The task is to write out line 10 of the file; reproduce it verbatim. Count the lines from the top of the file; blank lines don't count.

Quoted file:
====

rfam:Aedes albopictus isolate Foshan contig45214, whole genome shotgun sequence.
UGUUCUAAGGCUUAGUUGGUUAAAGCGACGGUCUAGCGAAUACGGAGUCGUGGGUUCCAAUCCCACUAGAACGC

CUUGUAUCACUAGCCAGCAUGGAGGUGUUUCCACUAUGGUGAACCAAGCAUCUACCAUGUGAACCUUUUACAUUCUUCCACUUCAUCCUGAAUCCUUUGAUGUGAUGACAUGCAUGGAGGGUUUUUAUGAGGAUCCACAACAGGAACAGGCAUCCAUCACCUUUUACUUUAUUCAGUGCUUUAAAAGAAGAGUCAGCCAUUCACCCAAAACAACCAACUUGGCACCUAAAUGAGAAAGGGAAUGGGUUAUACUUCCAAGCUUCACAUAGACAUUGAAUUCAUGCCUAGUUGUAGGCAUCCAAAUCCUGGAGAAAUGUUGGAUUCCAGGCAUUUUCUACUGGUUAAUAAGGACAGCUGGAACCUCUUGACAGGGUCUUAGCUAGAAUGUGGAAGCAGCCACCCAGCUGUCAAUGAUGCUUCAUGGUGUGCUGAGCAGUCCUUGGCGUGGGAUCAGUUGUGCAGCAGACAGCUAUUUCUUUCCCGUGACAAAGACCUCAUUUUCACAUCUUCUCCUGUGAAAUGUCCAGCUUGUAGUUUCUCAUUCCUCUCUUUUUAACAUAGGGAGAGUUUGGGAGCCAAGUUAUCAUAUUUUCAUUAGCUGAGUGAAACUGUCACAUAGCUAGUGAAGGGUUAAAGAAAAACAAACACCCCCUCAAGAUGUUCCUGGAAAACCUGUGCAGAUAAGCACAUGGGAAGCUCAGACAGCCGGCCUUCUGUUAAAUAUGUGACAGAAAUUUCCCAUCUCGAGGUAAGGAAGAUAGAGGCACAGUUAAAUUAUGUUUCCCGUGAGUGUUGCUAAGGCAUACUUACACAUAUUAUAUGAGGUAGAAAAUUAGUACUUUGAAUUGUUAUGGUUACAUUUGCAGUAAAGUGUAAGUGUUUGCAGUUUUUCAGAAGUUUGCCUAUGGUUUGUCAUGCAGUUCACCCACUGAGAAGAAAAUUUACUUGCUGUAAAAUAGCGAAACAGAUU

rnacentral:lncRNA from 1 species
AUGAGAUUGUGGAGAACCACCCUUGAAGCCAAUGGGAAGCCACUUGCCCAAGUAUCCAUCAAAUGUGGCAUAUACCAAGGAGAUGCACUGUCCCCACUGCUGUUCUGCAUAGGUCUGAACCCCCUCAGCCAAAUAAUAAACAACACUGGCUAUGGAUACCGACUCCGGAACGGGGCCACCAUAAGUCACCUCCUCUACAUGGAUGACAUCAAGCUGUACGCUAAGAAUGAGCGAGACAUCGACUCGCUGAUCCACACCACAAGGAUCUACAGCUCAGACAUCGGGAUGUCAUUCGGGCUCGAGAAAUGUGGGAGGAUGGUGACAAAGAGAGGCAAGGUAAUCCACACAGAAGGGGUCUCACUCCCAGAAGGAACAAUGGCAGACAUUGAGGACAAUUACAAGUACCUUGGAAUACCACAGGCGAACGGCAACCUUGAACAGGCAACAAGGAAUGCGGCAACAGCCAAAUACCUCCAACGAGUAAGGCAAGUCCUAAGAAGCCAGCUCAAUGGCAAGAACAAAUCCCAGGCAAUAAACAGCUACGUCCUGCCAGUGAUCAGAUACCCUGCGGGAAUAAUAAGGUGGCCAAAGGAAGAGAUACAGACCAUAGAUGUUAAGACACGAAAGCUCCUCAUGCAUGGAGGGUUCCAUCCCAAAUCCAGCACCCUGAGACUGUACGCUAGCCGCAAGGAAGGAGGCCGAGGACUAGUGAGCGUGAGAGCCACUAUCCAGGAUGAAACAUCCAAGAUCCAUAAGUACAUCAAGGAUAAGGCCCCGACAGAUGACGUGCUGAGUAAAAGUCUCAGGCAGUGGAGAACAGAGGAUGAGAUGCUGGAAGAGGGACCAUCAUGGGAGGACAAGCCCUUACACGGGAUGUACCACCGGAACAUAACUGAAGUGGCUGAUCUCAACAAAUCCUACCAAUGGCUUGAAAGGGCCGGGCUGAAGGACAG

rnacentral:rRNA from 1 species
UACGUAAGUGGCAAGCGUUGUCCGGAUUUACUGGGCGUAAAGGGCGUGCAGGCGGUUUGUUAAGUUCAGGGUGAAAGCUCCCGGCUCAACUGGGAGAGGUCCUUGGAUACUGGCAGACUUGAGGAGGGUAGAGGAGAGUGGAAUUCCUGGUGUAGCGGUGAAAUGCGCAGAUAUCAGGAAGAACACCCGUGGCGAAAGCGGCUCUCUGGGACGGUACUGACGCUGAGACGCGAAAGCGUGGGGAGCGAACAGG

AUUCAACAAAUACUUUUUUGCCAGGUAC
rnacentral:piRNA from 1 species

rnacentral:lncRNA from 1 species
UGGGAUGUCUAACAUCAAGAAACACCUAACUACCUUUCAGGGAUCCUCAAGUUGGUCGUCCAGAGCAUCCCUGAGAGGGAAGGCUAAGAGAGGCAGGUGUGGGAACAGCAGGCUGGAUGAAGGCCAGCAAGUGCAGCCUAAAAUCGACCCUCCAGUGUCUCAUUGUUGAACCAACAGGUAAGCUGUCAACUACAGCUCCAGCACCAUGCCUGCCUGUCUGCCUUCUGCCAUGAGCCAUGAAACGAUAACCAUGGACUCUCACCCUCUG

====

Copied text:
rnacentral:lncRNA from 1 species